The island’s location is a key asset, enabling it to serve as a transportation hub. Khalifa Bin Salman Port has enhanced the country’s role as a primary supplier of goods to Saudi Arabia, the region’s largest market. Saudi Arabia is already linked to Bahrain via the King Fahd Causeway, which may soon be expanded. Bahrain International Airport is also undergoing an extensive expansion, which is expected to further improve the country’s status as a centre for global trans-shipment and logistics. Additionally, the UK is planning to open a military base at Mina Salman Port in 2016 to accommodate a variety of naval vessels and their crews, with Bahrain paying most of the $23m needed for construction of facilities and the British paying ongoing costs.
Bahrain attracts a large number of tourists, particularly from other GCC states. In 2012 the Arab League named Manama the Capital of Arab Culture, and the kingdom hosted an array of events relating to Arabic art, music, architecture and literature. Manama was also designated Capital of Arab Tourism for 2013, boosting the industry after a decline due to the 2011 political unrest. The Formula 1 Grand Prix, cancelled during the 2011 crisis, was revived in 2012 and is a key driver of tourism revenue. Bahrain is also investing in infrastructure to support the meetings, incentives, conferences and exhibitions segment.
Bahrain’s climate consists of two seasons, a hot, humid summer and a mild winter. April to October marks the summer months, when the average temperature hovers around 40°C, with highs up to 48°C. During the winter, generally November to March, the temperature ranges between 10°C and 20°C. The country’s annual rainfall averages 77 mm.
Due to land reclamation projects, the country has increased its landmass to more than 765 sq km, up from its original 665 sq km. The total archipelago consists of 33 islands off the eastern shores of the Arabian Peninsula. The four predominant islands include Bahrain Island, Al Muharraq Island, Sitra Island and Umm An Nasan Island, which are connected by causeways. Plans are in the works for a 40-km causeway to Qatar, the kingdom’s second-closest neighbour, which would be the world’s longest fixed link.
The capital, Manama, sits at the northernmost part of Bahrain Island and is the country’s most populous city. Other major cities include Riffa, Muharraq, Isa Town and Sitra. Bahrain International Airport is located in Muharraq. Jebel Al Dukhan is the kingdom’s highest point, at 122 metres, while the majority of the landmass consists of low-lying desert. Less than 3% of land is arable, and the primary agrarian area is situated on a 5-km strip on the northern coast, and produces dates, almonds, figs and pomegranates.
The country’s primary natural resources include oil, gas, fish and pearls. The traditional industries of fishing and pearl diving have diminished since Bahrain began oil production, but they remain culturally significant. Although the kingdom was the first GCC state to discover oil, it has smaller reserves than its neighbours. Water is another finite local resource, and the island’s primary aquifer is becoming salinated due to overuse. Bahrain depends on desalinisation for 90% of its potable water.
The kingdom hosts a diverse, multicultural population that, according to an estimate by the Central Informatics Organisation in 2011, totals around 1.2m people, 585,000 of whom are Bahraini nationals and 610,000 expatriates. The percentage of foreign nationals has increased from 38% of the total population in 2001 to around 55% in 2014, with the majority hailing from Asia. Due to the large size of the expatriate workforce, males account for around 62% of the population. Almost 90% of people live in urban areas, with most in the Capital Governorate.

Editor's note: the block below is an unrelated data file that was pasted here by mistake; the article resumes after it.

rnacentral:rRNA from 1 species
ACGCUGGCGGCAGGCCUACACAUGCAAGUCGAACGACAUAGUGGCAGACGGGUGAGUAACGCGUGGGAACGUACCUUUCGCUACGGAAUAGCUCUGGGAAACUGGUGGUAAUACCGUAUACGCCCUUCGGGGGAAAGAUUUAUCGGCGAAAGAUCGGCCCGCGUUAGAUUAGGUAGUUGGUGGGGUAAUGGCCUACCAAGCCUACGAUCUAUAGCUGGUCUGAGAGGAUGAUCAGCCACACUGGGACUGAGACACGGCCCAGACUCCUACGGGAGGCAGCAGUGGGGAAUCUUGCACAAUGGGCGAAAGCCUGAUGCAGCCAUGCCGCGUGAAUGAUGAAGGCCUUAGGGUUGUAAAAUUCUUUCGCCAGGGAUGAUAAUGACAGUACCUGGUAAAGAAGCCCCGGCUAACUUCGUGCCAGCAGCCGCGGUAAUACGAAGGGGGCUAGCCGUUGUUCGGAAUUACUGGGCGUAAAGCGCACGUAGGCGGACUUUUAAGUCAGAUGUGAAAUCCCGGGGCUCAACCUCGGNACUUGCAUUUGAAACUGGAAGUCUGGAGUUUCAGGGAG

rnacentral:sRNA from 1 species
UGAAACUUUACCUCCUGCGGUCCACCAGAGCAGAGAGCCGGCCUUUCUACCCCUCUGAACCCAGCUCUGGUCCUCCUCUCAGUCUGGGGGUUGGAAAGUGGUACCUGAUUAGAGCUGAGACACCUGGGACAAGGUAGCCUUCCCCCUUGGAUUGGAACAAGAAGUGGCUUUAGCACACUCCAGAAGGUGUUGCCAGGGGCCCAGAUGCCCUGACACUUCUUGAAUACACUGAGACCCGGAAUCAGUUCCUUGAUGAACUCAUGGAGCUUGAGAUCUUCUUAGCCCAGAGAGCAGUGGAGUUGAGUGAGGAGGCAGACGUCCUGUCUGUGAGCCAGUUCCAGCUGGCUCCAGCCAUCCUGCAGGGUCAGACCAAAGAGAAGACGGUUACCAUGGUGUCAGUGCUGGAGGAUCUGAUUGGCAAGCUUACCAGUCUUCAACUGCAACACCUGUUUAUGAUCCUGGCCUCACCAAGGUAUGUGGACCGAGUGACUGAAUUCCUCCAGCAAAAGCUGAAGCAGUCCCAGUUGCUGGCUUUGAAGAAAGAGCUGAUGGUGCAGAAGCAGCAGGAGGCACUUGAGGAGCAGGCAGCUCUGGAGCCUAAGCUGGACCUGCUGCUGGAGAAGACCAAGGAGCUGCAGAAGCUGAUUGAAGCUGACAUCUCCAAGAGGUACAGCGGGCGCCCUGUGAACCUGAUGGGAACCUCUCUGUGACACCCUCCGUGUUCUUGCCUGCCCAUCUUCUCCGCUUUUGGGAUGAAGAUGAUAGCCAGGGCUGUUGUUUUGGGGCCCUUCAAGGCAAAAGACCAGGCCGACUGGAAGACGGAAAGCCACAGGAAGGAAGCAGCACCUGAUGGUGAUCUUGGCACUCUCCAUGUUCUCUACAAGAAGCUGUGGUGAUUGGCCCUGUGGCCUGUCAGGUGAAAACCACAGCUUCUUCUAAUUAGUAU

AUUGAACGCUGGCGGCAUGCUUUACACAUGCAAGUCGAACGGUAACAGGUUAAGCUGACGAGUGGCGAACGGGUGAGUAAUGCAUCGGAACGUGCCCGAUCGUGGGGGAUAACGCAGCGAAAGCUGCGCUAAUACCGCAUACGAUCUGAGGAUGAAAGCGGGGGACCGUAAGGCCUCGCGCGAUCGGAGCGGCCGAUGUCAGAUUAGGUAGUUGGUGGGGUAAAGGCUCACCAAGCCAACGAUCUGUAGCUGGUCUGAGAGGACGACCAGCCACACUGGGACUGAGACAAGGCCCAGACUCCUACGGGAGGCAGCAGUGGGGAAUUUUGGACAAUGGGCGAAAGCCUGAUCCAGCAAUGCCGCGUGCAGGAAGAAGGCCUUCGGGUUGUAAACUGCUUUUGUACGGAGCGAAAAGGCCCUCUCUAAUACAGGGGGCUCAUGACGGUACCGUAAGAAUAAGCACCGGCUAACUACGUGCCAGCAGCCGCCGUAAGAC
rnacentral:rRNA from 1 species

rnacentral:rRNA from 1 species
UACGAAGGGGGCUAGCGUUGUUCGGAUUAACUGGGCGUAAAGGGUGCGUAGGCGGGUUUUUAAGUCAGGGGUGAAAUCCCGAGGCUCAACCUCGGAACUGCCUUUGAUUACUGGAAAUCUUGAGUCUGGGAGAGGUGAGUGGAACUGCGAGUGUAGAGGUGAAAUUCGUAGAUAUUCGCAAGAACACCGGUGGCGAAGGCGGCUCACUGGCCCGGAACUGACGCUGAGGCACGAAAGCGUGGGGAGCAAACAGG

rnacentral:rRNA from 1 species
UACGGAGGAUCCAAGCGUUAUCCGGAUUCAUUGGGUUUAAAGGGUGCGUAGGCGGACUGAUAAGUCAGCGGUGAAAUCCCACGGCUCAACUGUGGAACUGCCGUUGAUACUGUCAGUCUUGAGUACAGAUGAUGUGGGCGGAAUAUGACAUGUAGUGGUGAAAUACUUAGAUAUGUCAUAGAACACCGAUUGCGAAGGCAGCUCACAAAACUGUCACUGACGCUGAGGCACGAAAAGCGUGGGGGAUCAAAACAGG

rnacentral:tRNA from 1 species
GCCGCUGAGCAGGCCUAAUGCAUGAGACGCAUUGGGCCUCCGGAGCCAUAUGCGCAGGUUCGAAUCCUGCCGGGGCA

The official language of Bahrain is Arabic. The colloquial tongue is a similar dialect to Khaleeji (Gulf) Arabic. English is widely spoken due to the extensive expatriate community and business environment. Most street signs and documentation include English, and it is the compulsory second language in the school system. Other common languages include Farsi, Urdu, Hindi, Malayalam and Tagalog.
Islam is Bahrain’s official religion. Around 98% of Bahraini nationals are Muslim, and adherents of either the Shia or Sunni sects. The kingdom is considered tolerant regarding the practice of different religious beliefs. The 2010 census states that 70% of the country’s population was listed as Muslim and 30% as members of other religions. The expatriate population includes substantial Christian, Hindu, Buddhist and Sikh communities. The country is also home to a small indigenous Jewish community that originally emigrated from Iraq in the late 19th century.
Bahrain was the first Gulf state to initiate public school education for boys in 1919 and schools for girls in 1928. Ever since, it has invested heavily in education, and the government currently spends 11-12% of its budget on education. Bahrain’s literacy rate is the second-highest in the Arab world at 94.6%. In line with Vision 2030, the government launched the Quality Assurance Authority for Education and Training to develop improved standards.
Bahrain has historically led the GCC in health care. The American Mission Hospital (AMH), established in 1902, is the region’s oldest. Bahrain created its Ministry of Health in 1973, modelling its policies on the operations of AMH, and the government subsidises health costs for all citizens. The Ministry of Health is currently streamlining an e-health initiative to link all hospitals to a central databank.